The Financial Stability Board (FSB) has been the main international forum coordinating the regulatory analysis and discussion of this subject, working closely with IOSCO. In 2015, the FSB and IOSCO consulted on a set of proposed methodologies for identifying non-bank non-insurers who should be considered systemically important financial institutions, including both investment funds and asset managers or investment advisers.
A typical structure might see the manager and fund company being separately owned and run, with a manager acting purely as an agent, executing investment mandates, and those controlling funds managing the fund operations. The proposed methodologies aimed to identify fund and managers whose distress or disorderly failure could cause significant disruption to the global financial system. While the FSB/IOSCO paper acknowledged that funds and asset managers could be seen as systemically important independent of each other, it also took into account the links that exist between the two. The proposed methodology for undertaking an assessment of which particular funds may be systemic included five different impact factors: size, interconnectedness, complexity, substitutability and cross jurisdictional activities.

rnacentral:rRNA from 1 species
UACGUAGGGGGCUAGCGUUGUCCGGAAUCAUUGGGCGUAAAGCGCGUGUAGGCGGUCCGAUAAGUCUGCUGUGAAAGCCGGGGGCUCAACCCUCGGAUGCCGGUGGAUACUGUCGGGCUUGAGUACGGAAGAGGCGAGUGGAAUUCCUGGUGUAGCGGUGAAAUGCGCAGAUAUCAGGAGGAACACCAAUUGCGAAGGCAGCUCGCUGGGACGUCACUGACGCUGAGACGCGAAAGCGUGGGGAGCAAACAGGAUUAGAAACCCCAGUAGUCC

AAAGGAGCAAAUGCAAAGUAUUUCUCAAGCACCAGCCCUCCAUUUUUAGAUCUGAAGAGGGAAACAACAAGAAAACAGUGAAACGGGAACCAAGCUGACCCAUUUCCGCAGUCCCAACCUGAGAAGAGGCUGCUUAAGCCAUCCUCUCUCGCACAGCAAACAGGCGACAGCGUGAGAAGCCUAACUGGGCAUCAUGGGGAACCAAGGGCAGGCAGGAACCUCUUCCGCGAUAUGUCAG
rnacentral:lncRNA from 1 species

Following the consultation, discussions led to the FSB and IOSCO jointly agreeing to put on hold the entity-based assessment methodology work until further analysis on potential market-wide activities-based solutions that would be applied in the first instance could be identified.
And this is where the discussion now stands.
So, let me move on to spell out in more detail the potential vulnerabilities which the FSB and IOSCO work has identified in its assessment to date, which might lead to systemic risks among these firms.
Well, the FSB and IOSCO have focused their attention on five potential structural vulnerabilities of funds:
If markets are stressed, or idiosyncratic firm conditions materialise, then each of these vulnerabilities could lead to losses for investors in the fund with potential impact on others firms or the market.